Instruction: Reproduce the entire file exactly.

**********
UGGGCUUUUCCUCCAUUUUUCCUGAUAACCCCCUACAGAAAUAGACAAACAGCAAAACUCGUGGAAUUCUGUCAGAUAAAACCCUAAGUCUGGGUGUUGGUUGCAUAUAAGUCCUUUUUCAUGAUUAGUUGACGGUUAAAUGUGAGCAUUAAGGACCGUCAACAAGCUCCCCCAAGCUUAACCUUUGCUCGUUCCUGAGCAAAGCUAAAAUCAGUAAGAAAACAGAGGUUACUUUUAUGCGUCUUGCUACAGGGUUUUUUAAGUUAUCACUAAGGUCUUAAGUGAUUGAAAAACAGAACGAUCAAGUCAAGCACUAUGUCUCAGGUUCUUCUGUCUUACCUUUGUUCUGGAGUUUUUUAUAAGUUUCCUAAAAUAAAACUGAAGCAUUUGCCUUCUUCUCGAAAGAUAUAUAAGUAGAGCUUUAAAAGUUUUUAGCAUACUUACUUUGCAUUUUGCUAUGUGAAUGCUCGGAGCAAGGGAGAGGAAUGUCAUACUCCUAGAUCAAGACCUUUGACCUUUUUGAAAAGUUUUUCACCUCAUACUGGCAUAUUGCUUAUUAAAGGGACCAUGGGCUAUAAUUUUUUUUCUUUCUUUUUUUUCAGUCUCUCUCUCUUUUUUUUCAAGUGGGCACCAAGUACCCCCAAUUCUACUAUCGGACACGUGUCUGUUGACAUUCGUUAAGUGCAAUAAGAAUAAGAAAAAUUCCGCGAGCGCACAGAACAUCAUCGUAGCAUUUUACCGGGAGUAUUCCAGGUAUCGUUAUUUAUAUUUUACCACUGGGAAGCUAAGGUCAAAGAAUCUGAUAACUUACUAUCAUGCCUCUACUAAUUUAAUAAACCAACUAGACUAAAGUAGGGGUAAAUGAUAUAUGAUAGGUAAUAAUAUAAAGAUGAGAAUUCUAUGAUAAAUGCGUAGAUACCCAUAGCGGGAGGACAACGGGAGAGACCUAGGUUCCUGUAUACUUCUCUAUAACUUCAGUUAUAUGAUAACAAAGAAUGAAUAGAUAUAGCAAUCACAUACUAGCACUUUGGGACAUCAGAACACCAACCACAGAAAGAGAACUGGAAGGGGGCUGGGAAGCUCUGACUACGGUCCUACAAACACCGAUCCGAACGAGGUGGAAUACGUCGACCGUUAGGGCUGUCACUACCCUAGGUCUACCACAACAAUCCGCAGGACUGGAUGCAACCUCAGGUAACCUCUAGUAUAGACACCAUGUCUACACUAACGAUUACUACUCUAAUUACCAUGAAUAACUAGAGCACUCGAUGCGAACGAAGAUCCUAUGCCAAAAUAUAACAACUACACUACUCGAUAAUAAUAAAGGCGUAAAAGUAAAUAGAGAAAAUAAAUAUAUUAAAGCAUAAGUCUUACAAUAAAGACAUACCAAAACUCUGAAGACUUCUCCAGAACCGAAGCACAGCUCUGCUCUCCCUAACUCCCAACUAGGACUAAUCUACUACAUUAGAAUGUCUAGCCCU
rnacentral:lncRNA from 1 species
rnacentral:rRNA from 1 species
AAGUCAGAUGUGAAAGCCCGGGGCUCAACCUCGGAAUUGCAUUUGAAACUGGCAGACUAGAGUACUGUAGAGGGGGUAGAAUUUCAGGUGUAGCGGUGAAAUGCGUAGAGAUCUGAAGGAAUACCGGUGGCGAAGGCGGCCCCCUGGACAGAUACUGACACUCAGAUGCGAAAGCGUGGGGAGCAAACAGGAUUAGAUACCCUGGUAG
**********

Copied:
UGGGCUUUUCCUCCAUUUUUCCUGAUAACCCCCUACAGAAAUAGACAAACAGCAAAACUCGUGGAAUUCUGUCAGAUAAAACCCUAAGUCUGGGUGUUGGUUGCAUAUAAGUCCUUUUUCAUGAUUAGUUGACGGUUAAAUGUGAGCAUUAAGGACCGUCAACAAGCUCCCCCAAGCUUAACCUUUGCUCGUUCCUGAGCAAAGCUAAAAUCAGUAAGAAAACAGAGGUUACUUUUAUGCGUCUUGCUACAGGGUUUUUUAAGUUAUCACUAAGGUCUUAAGUGAUUGAAAAACAGAACGAUCAAGUCAAGCACUAUGUCUCAGGUUCUUCUGUCUUACCUUUGUUCUGGAGUUUUUUAUAAGUUUCCUAAAAUAAAACUGAAGCAUUUGCCUUCUUCUCGAAAGAUAUAUAAGUAGAGCUUUAAAAGUUUUUAGCAUACUUACUUUGCAUUUUGCUAUGUGAAUGCUCGGAGCAAGGGAGAGGAAUGUCAUACUCCUAGAUCAAGACCUUUGACCUUUUUGAAAAGUUUUUCACCUCAUACUGGCAUAUUGCUUAUUAAAGGGACCAUGGGCUAUAAUUUUUUUUCUUUCUUUUUUUUCAGUCUCUCUCUCUUUUUUUUCAAGUGGGCACCAAGUACCCCCAAUUCUACUAUCGGACACGUGUCUGUUGACAUUCGUUAAGUGCAAUAAGAAUAAGAAAAAUUCCGCGAGCGCACAGAACAUCAUCGUAGCAUUUUACCGGGAGUAUUCCAGGUAUCGUUAUUUAUAUUUUACCACUGGGAAGCUAAGGUCAAAGAAUCUGAUAACUUACUAUCAUGCCUCUACUAAUUUAAUAAACCAACUAGACUAAAGUAGGGGUAAAUGAUAUAUGAUAGGUAAUAAUAUAAAGAUGAGAAUUCUAUGAUAAAUGCGUAGAUACCCAUAGCGGGAGGACAACGGGAGAGACCUAGGUUCCUGUAUACUUCUCUAUAACUUCAGUUAUAUGAUAACAAAGAAUGAAUAGAUAUAGCAAUCACAUACUAGCACUUUGGGACAUCAGAACACCAACCACAGAAAGAGAACUGGAAGGGGGCUGGGAAGCUCUGACUACGGUCCUACAAACACCGAUCCGAACGAGGUGGAAUACGUCGACCGUUAGGGCUGUCACUACCCUAGGUCUACCACAACAAUCCGCAGGACUGGAUGCAACCUCAGGUAACCUCUAGUAUAGACACCAUGUCUACACUAACGAUUACUACUCUAAUUACCAUGAAUAACUAGAGCACUCGAUGCGAACGAAGAUCCUAUGCCAAAAUAUAACAACUACACUACUCGAUAAUAAUAAAGGCGUAAAAGUAAAUAGAGAAAAUAAAUAUAUUAAAGCAUAAGUCUUACAAUAAAGACAUACCAAAACUCUGAAGACUUCUCCAGAACCGAAGCACAGCUCUGCUCUCCCUAACUCCCAACUAGGACUAAUCUACUACAUUAGAAUGUCUAGCCCU
rnacentral:lncRNA from 1 species
rnacentral:rRNA from 1 species
AAGUCAGAUGUGAAAGCCCGGGGCUCAACCUCGGAAUUGCAUUUGAAACUGGCAGACUAGAGUACUGUAGAGGGGGUAGAAUUUCAGGUGUAGCGGUGAAAUGCGUAGAGAUCUGAAGGAAUACCGGUGGCGAAGGCGGCCCCCUGGACAGAUACUGACACUCAGAUGCGAAAGCGUGGGGAGCAAACAGGAUUAGAUACCCUGGUAG